African online content and services come of age – business models, users and delivery platforms begin to crystallize

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Last week’s Mobile Entertainment World in Cape Town began to crystallize the beginning of successful, business-worthy African online content. It bought together a handful of mobile operators, mobile platform operators and content companies offering things as diverse as music, gaming and Nollywood. Russell Southwood picks over the lessons from this emerging content market.

It’s a hazard of doing what we do that we attend (and sometimes even programme) conferences. The standard pattern is that everyone senior turns up for the first half day to network and by the end of the conference you’re left with a handful of people listening to ever-less compelling presentations. Speakers make seemingly endless speeches promoting whatever it is they’re selling to audiences in low-lit rooms at too greater length. Interaction comes down to a couple of questions at each session.

Hats off to Matthew Dawes of All Amber who manages to combine really interesting programmes with entertaining panelists who actually say things that might make you think about what you do with your business. At last week’s event, many of them were very funny about the failures they endured along the way and some were even honest enough to say that they hadn’t entirely worked out how to make money out of something (for example, mobile TV). And the real test was that on day 2 there were as many participants as there were on day one. Furthermore, it was a conference in South Africa that managed to talk about Africa rather than just about South Africa.

The first Mobile Entertainment World conference in Cape Town last week bought together all of the people who need to be doing business together if there is to be an online content and services sector in Africa: media owners; mobile platform operators; services and social networking sites; gaming companies; and….well, there were two mobile companies, more of which, later. There was even the less attractive side of the industry represented by an adult chat service.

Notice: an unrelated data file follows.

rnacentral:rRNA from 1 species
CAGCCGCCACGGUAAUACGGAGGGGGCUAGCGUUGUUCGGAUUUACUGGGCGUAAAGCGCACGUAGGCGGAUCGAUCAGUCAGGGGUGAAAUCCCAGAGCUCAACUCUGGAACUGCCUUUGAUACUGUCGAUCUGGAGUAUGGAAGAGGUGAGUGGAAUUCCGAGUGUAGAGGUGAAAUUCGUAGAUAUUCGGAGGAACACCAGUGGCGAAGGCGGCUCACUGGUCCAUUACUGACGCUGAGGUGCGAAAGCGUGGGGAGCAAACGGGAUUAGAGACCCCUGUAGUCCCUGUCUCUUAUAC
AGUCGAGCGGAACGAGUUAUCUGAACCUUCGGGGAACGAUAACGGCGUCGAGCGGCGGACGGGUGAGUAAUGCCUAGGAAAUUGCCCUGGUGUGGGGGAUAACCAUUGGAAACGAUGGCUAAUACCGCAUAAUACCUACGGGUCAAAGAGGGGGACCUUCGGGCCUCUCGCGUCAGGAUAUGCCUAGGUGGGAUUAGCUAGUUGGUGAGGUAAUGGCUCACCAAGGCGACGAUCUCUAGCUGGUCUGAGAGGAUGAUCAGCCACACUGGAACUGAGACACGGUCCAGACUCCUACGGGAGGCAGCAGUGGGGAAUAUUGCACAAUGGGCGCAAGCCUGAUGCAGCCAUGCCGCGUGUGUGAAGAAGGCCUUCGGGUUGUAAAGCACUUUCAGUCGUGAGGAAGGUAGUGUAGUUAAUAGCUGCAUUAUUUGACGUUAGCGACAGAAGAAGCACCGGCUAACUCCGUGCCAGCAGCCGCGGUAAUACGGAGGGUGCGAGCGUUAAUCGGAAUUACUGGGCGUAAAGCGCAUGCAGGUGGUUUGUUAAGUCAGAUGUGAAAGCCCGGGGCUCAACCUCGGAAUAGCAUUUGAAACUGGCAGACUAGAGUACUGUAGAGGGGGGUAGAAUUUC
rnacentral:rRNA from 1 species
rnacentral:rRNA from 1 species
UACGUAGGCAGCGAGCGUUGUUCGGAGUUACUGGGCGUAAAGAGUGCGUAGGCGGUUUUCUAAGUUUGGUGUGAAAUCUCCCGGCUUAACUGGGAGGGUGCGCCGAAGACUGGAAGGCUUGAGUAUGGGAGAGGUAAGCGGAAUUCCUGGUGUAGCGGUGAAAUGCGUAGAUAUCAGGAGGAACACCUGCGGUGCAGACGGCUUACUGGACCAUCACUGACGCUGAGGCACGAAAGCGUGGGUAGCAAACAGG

Out of this interesting mixture of people came the first sight of a content industry that might both command an audience and get paid for doing it. The stand-out amongst all of these was Nigeria’s Iroko Partners (see video interview link below). It has hit upon a way of distributing Nollywood content legally (over 800 movies), making money and giving some of that money back to the artists who made it. In under a year it has generated around US$1 million in advertising revenues from 2.2 million views and is now expanding into offering music video clips on the same basis.

It has attracted 2.2 million unique viewers and 16 million views from 231 countries and all without any marketing. 20% of traffic is from mobiles and 60% of search enquiries come from mobiles in Nigeria. The really telling statistic is that the 6th biggest market is Malaysia and 11th biggest is Nigeria (around 30,000 unique views). With better bandwidth, viewer numbers will inevitably increase in the home of Nollywood.